GOV. Mary Fallin has rejected expansion of Oklahoma's Medicaid program under Obamacare, saying the long-term costs are unaffordable for state government. This hasn't stopped Democrats and some health officials from continuing to push for expansion. Their argument, boiled down, is that Medicaid expansion will increase health care access and therefore drive down Oklahomans' medical expenses.
In real-world application, however, it appears Medicaid expansion could create a two-tiered health system where some citizens are shifted to lower-tier providers while those with private insurance retain doctor access. And the effect of the increased “access” provided by Medicaid expansion may be negligible. The liberal Nirvana of California shows why.
The Los Angeles Times reports that California is facing a major obstacle to implementing Obamacare: a doctor shortage. As a result, some California state lawmakers want to redefine who can provide health care. Their plan would funnel many patients away from primary care physicians to physician assistants and nurse practitioners. Even pharmacists and optometrists could become primary care providers for things such as diabetes and high blood pressure.
Doctors warn that those changes could jeopardize patient safety and even drive up costs, because assistants and nurse practitioners tend to order more tests and prescribe more antibiotics.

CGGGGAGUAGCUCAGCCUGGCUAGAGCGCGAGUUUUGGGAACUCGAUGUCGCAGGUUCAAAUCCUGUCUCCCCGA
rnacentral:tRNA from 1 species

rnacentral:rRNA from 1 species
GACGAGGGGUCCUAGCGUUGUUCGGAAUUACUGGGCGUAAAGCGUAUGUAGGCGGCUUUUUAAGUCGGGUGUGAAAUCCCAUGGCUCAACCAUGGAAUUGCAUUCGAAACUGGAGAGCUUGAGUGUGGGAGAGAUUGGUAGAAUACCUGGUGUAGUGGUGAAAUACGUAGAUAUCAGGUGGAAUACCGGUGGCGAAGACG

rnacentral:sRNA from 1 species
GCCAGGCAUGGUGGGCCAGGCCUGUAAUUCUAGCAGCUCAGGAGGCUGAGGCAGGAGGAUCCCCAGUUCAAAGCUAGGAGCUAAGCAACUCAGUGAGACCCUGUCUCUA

Still, proponents of the plan see few alternatives. California state Sen. Ed Hernandez, a Democrat, puts it bluntly: “We're going to be mandating that every single person in this state have insurance. What good is it if they are going to have a health insurance card but no access to doctors?” Oklahoma would likely face the same problem, and to a larger degree.
In a recent editorial board meeting with The Oklahoman, state Commissioner of Health Terry L. Cline noted that Oklahoma ranks 49th out of 50 states in the number of primary health care physicians per 100,000 citizens. As a result, adding people to Medicaid would technically make them “insured” without any guarantee of actually seeing a doctor. Cline points out that many people would still likely have to visit the emergency room for routine medical treatment.